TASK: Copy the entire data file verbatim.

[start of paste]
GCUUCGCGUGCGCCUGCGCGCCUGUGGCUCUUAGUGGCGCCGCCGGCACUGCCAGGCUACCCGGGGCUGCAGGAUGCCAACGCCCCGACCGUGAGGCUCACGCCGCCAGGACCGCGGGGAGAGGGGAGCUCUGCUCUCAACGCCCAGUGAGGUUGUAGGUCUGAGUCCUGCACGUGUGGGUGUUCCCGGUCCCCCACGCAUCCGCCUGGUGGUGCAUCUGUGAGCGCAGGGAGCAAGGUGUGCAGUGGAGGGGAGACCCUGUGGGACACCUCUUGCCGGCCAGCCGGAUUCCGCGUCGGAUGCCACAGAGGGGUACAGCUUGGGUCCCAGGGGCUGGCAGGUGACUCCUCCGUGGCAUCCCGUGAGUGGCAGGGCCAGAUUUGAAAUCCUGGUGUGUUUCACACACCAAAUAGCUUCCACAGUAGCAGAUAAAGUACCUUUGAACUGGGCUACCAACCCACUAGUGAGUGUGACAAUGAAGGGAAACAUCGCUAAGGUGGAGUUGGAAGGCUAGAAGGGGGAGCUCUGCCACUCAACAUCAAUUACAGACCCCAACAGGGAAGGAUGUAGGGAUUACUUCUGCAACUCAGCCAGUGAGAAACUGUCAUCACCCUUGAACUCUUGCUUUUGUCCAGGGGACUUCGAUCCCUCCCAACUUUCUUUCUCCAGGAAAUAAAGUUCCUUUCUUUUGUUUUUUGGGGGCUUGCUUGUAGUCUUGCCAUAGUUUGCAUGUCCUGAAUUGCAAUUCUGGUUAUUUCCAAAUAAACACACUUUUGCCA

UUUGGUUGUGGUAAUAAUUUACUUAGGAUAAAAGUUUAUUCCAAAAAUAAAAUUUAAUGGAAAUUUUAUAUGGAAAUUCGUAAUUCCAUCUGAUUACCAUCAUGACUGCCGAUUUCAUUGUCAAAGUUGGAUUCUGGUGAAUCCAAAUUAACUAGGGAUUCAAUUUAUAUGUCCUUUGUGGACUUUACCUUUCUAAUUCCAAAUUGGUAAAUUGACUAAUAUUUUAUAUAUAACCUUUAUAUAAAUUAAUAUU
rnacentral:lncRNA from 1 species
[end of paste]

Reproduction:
GCUUCGCGUGCGCCUGCGCGCCUGUGGCUCUUAGUGGCGCCGCCGGCACUGCCAGGCUACCCGGGGCUGCAGGAUGCCAACGCCCCGACCGUGAGGCUCACGCCGCCAGGACCGCGGGGAGAGGGGAGCUCUGCUCUCAACGCCCAGUGAGGUUGUAGGUCUGAGUCCUGCACGUGUGGGUGUUCCCGGUCCCCCACGCAUCCGCCUGGUGGUGCAUCUGUGAGCGCAGGGAGCAAGGUGUGCAGUGGAGGGGAGACCCUGUGGGACACCUCUUGCCGGCCAGCCGGAUUCCGCGUCGGAUGCCACAGAGGGGUACAGCUUGGGUCCCAGGGGCUGGCAGGUGACUCCUCCGUGGCAUCCCGUGAGUGGCAGGGCCAGAUUUGAAAUCCUGGUGUGUUUCACACACCAAAUAGCUUCCACAGUAGCAGAUAAAGUACCUUUGAACUGGGCUACCAACCCACUAGUGAGUGUGACAAUGAAGGGAAACAUCGCUAAGGUGGAGUUGGAAGGCUAGAAGGGGGAGCUCUGCCACUCAACAUCAAUUACAGACCCCAACAGGGAAGGAUGUAGGGAUUACUUCUGCAACUCAGCCAGUGAGAAACUGUCAUCACCCUUGAACUCUUGCUUUUGUCCAGGGGACUUCGAUCCCUCCCAACUUUCUUUCUCCAGGAAAUAAAGUUCCUUUCUUUUGUUUUUUGGGGGCUUGCUUGUAGUCUUGCCAUAGUUUGCAUGUCCUGAAUUGCAAUUCUGGUUAUUUCCAAAUAAACACACUUUUGCCA

UUUGGUUGUGGUAAUAAUUUACUUAGGAUAAAAGUUUAUUCCAAAAAUAAAAUUUAAUGGAAAUUUUAUAUGGAAAUUCGUAAUUCCAUCUGAUUACCAUCAUGACUGCCGAUUUCAUUGUCAAAGUUGGAUUCUGGUGAAUCCAAAUUAACUAGGGAUUCAAUUUAUAUGUCCUUUGUGGACUUUACCUUUCUAAUUCCAAAUUGGUAAAUUGACUAAUAUUUUAUAUAUAACCUUUAUAUAAAUUAAUAUU
rnacentral:lncRNA from 1 species